# Integer.tex

\section{Integer programming}\label{integer-sec}

Integer programming is linear programming with solutions restricted to the integers. A number of packages, for example Maple.12, can solve these problems. It was used in several places during this project.

The first place it was used was to find $c_5$, the size of the maximal subset of $[3]^5$ with no combinatorial lines. One 0/1-variable was used for each point in the cube, and one linear inequality for each combinatorial line. The inequalities were $x_i \geq 0$, $x_i\leq 1$, and $x_i+x_j+x_k\leq 2$ whenever the three points $i,j,k$ form a line. The aim is then to maximize $\sum x_i$. The computer found twelve solutions with 150 points, and found that there were no solutions with 151 points, so $c_5 = 150$. It follows easily that $c_6 = 450$, but the same program was used as a check to show that any set of 451 points in $[3]^6$ has a combinatorial line.

The second application of integer programming was the following routine, used for the 5 dimensional Moser problem to show that $c'_5\ge 124$. Let G be the 3-hypergraph with vertex set equal to $[3]^5$ as before and set $(I,J,K)\in E_3$ to be a 3-edge if and only if it is a geometric line. $c'_5$ is then the size of a maximal independent set. Let $$ f(x) = \sum_I x_I - \sum_{(I,J,K)\in E_3} x_Ix_Jx_K. $$

Let $A$ be the solid cube $[0,1]^{3^n}$, and $B$ its set of vertices $\{0,1\}^{3^n}$. The following then holds, $$c'_n = \max_{x\in B} f(x) = \max_{x\in A} f(x).$$

To check the first equality, if $V$ is a line-free set in $G$ of size $k$, set $x_J=1$ for $J\in V$, and zero otherwise. Then $f(x) = k$ because $V$ is line-free, so all the cubic terms are zero. So $c'_n \le max_{x\in\{0,1\}^{3^n}} f(x)$. Conversely, if for some $x\in\{0,1\}^{3^n}$, $f(x)=k$ and if there are triplets $x_I=x_J=x_K=1$ with $(I,J,K)\in E_3$, we change $x_I$ to 0. This reduces $\sum_I x_I$ by 1 but also reduce the second term of $f(x)$ by at least one. So repeating we can find an $x\in\{0,1\}^{3^n}$ with $f(x)\ge k$ and $x_Ix_Jx_K=0$ if $(I,J,K)\in E_3$, i.e. an independent set of size $\ge k$. So $c'_n \ge max_{x\in\{0,1\}^{3^n}} f(x)$. The second equality follows from the maximum principle since $f$ is a square free polynomial. $-f$ was minimized using Matlab's built-in minimization routine, and found a 124-point subset of $[3]^5$ with no geometric lines.

A third application of integer programming is expanded in some detail in Section \ref{moser-upper-sec}. Each point was classified by how many of its coordinates were 2. All the possible histograms or `statistics' of points in a low-dimensional line-free set were computed by brute-force. Since a low-dimensional space fits into a higher-dimensional space in many ways, the low-dimensional statistics have consequences for higher-dimensional sets. Many dozens of inequalities were found for six-dimensional and higher spaces, and Maple's integer programming routine was used to find upper bounds on $c'_n$.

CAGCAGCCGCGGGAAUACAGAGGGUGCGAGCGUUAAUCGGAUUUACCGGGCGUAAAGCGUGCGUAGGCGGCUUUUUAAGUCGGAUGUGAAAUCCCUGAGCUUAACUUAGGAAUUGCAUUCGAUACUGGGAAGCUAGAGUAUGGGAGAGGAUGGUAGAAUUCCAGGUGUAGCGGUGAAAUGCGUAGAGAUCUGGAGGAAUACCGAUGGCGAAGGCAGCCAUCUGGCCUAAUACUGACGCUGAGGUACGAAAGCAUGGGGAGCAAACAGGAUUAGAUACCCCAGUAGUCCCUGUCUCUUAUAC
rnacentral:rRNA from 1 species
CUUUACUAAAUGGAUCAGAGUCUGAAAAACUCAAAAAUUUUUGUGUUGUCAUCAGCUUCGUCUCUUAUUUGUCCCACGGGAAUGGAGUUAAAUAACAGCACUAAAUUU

A fourth application of integer programming found many of our best lower bounds for both the DHJ problem and the Moser problem. Assume that a solution is made up of complete $\Gamma(a,b,c)$ cells. This drastically reduces the number of variables, from $3^n$ to $(n+2)(n+1)/2$ binary variables, one for each Gamma set. In the DHJ problem, points in a combinatorial line will lie in cells of the form $\Gamma(a+r,b,c)$, $\Gamma(a,b+r,c)$ and $\Gamma(a,b,c+r)$ for some positive $r$. Thus the line-free condition is met if we prevent equilateral triangles of this sort. The Fujimura problem was to maximize the number of Gamma sets under this restriction, searching over the $(n+2)(n+1)/2$ binary variables. To maximize the total number of points, each Gamma set $\Gamma(a,b,c)$ is weighted by its size $(a+b+c)!/(a!b!c!)$, but the restrictions are the same.

Conversely, an attempt was made to disprove the `hyper-optimistic conjecture' mentioned in the Introduction. Each point of $[3]^n$ was given a weight of $1/(a!b!c!)$ when the point's coordinates included $a$ 1s, $b$ 2s and $c$ 3s. This gave each $\Gamma_{a,b,c}$ cell an equal weight of 1. In fact, since an integer programming routine was being used, each point was given the weight $(a+b+c)!/(a!b!c!)$. These numbers quickly grew too large for the routine.

In the Moser-Fujimura problem, we look for collections of $\Gamma(a,b,c)$ that do not contain geometric lines. This is satisfied if there are no isosceles triangles of the form $(a+r,b,c+s)$, $(a,b+r+s,c)$, $(a+s,b,c+r)$. Again, we run a search over the $(n+2)(n+1)/2$ binary variables, with $\Gamma(a,b,c)$ weighted by $(a+b+c)!/(a!b!c!)$, to maximize the total number of points.